European manufacturers need a revolution - but Britain has made a start.
Europe's car makers are in trouble. In a savage recession surpassing the impact of the early 1970s oil shock, sales have plummeted by nearly 18% in the first seven months of this year with 1.5 million fewer cars sold than in the same period of 1992. By the end of 1994, west European car production is expected to have fallen by two million vehicles or 15% to 11.4 million from 13.4 million in 1992 according to DRI, the motor industry analysts. The slide is so precipitous that a manufacturer the size of Fiat or Renault would have to shut down to bring the market into anything approaching equilibrium.
Major markets like Germany and Italy have been hit by massive falls in sales. Compared with last year, the German market in the first seven months of the year was down almost a fifth after the heady post-reunification boom. Conditions in Italy are worse, with a 24% sales slump. The French market has fallen 17% and Spain's by a spectacular 28%.
The slide has left manufacturers floundering in a sea of red ink. Europe, once the cornerstone of Ford's profitability, has now cost the corporation $2 billion in losses over the last two years. Poor results are among the factors that have impelled Volvo and Renault to merge after a protracted on-off courtship. Mighty Volkswagen, which has dominated the European car sales league for eight years, lost DM 1.2 billion in the first quarter of 1993. Nor is there any sign of a turnaround at the Wolfsburg-based giant. After the discovery that its Seat subsidiary had plunged into loss, Volkwagen's embattled new chief, Ferdinand Piech, has had to take direct control of the Spanish subsidiary's affairs. VW also halted at the last minute a plan to invest £650 million into a Czech subsidiary, Skoda. A rattled Piech is even accusing his own senior managers of plotting against his efforts to get the company back into the black.
The smooth upward progression of the German motor industry, once the envy of Europe, has come to a shuddering halt. VW's fellow nationals, BMW and Daimler-Benz, are both feeling the squeeze. Daimler-Benz is slashing 40,000 jobs and BMW is on a cost-cutting drive after a 9% fall in sales in the first half of 1993 hit profits. Predictions that the European motor industry will follow the steel and shipbuilding industries into decline unless it achieves an 'industrial revolution' to restore its competitiveness to meet the Japanese challenge have done little to soothe ragged nerves.
The 1980s saw sales rise from 10.17 million in 1984 to 13.47 million in 1989 and a record 13.5 million in 1992. While no one in the industry expected this boom to continue indefinitely, the abruptness of the decline has heightened the sense of shock. There are close parallels with America where recession and Japanese imports and production hit the Detroit car makers. But there is some comfort to be drawn from the American experience. The Japanese are not invincible. Detroit is hitting back. Ford, Chrysler and GM are out of the red and making money once more. The Japanese are handicapped by the strength of the yen which is forcing them to increase prices at a faster rate than American rivals. The Americans have also recognised the need to embrace revolution in a bid to get costs down. The same process is under way in Europe especially in Germany. The revelation that German auto industry wage costs were two-thirds higher than the average for the rest of Europe and that each worker puts in a third less hours per year than the Japanese, has shed a different light on the German industrial miracle.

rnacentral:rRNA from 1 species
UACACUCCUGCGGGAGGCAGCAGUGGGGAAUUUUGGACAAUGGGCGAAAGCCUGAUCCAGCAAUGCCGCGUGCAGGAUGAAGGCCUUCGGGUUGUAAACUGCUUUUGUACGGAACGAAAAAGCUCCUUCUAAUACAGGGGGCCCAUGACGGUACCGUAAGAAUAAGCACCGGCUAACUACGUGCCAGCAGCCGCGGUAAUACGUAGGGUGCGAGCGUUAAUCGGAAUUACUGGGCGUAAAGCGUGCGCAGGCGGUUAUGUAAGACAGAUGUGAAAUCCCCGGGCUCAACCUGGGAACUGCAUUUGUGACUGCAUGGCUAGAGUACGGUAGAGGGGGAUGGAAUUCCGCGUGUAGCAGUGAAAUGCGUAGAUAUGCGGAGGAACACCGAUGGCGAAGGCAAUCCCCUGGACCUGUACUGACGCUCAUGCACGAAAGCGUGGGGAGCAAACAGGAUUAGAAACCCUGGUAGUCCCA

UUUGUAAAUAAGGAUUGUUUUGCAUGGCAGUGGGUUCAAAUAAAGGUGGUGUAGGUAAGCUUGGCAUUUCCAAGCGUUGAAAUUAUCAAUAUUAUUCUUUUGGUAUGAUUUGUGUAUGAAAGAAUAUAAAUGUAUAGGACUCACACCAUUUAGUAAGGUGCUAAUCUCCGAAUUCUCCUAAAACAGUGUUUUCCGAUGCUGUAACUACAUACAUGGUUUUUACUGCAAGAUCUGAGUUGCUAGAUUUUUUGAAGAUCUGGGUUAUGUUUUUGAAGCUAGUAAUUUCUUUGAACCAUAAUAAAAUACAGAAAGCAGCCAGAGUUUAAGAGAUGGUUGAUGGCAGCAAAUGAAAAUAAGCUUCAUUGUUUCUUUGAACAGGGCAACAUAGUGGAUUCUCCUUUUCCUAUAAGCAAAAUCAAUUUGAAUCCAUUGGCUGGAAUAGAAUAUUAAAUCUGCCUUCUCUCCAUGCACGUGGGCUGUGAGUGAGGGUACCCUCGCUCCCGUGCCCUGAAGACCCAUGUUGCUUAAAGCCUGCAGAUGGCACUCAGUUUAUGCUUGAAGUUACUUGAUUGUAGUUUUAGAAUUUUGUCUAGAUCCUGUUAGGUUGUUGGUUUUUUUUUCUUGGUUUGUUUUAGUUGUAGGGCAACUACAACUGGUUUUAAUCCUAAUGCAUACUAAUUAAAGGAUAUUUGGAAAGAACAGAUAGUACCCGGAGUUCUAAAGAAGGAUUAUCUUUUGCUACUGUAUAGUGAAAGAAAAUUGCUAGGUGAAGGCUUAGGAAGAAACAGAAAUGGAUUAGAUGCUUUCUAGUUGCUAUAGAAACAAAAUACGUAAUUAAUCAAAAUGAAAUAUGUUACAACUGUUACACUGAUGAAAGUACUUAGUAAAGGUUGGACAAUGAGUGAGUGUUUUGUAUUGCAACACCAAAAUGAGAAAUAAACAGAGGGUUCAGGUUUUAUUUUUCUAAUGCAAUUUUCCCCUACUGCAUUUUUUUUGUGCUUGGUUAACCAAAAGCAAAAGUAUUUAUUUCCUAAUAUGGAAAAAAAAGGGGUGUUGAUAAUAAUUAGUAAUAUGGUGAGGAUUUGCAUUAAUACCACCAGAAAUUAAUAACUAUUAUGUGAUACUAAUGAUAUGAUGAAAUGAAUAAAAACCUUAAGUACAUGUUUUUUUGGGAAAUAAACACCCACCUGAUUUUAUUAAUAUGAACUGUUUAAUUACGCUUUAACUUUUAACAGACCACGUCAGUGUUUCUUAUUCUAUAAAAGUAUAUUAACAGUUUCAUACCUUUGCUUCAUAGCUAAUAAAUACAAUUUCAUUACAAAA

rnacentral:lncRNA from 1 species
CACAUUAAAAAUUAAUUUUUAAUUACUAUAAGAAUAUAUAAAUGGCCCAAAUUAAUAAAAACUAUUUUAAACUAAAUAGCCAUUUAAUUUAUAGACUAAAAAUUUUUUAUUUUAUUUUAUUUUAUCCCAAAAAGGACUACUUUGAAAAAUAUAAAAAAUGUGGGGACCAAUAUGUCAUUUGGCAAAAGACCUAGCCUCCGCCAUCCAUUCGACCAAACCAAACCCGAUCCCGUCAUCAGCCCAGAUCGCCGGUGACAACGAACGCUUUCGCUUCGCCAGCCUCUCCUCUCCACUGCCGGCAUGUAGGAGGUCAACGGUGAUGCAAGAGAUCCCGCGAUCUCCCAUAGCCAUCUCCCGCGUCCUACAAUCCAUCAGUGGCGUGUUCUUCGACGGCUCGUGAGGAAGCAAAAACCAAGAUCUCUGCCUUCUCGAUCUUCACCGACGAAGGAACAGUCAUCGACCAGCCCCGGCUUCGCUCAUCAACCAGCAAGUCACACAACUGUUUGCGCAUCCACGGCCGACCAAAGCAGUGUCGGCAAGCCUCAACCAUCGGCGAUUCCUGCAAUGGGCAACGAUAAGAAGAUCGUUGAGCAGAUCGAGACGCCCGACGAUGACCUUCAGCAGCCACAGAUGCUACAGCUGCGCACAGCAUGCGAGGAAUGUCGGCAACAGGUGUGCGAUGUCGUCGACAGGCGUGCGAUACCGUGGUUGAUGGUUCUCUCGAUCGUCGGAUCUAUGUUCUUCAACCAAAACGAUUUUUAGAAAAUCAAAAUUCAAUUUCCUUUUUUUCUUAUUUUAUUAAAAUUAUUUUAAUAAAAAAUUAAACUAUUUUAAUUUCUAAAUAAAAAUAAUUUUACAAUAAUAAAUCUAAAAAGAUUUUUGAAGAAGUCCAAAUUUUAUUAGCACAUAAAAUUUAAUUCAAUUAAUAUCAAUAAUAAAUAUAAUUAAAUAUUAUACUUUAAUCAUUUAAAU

The scale of their cost handicap seems to have surprised the Germans themselves. Now workers' acceptance of labour agreements like the one covering the manufacture of Opel's new range of car diesel engines is being sought, together with other productivity measures. It is hoped that absenteeism will be lowered to 'internationally competitive levels'.
Given its past history, it is ironic that Britain's motor industry can claim to be as far down the road of 'revolutionary' change as any in Europe. Rover is one of the few car makers operating profitably. Vauxhall's American owners are full of praise for the efficiency of its manufacturing and Nissan's Sunderland plant is widely regarded as a world-beater.
Helped by this year's healthy domestic sales, the British industry, with the exception of Ford, has so far largely avoided the trauma afflicting its Continental rivals. But it is feeling some impact: Nissan has scaled down output expansion plans and halved production at Sunderland. Ford and Vauxhall are also cutting output.
It will be several years before the European market comes close to 1992's record sales of 13.5 million. DRI's forecasts suggest it will be 1996 before the sales even get back over 13 million. But DRI has good news for Britain with its prediction that the presence of the Japanese car makers will lift the industry from fifth to third place in the European production league ahead of Spain and Italy by 1998.
The collapse of the European market has revived criticism of the Japanese and this seems certain to intensify. With VW's senior managers predicting that Europe will have excess car production capacity of 10 million units throughout the 1990s, more crisis driven mergers like the Renault-Volvo deal seem inevitable.
One consolation is that consumers are going to find the market awash in cheaper, better built cars. On the other hand, no one should expect what is one of Europe's biggest industries to contribute to solving the jobs crisis. The industry that was the powerhouse of the 1980s will be playing a more muted role for the rest of the decade.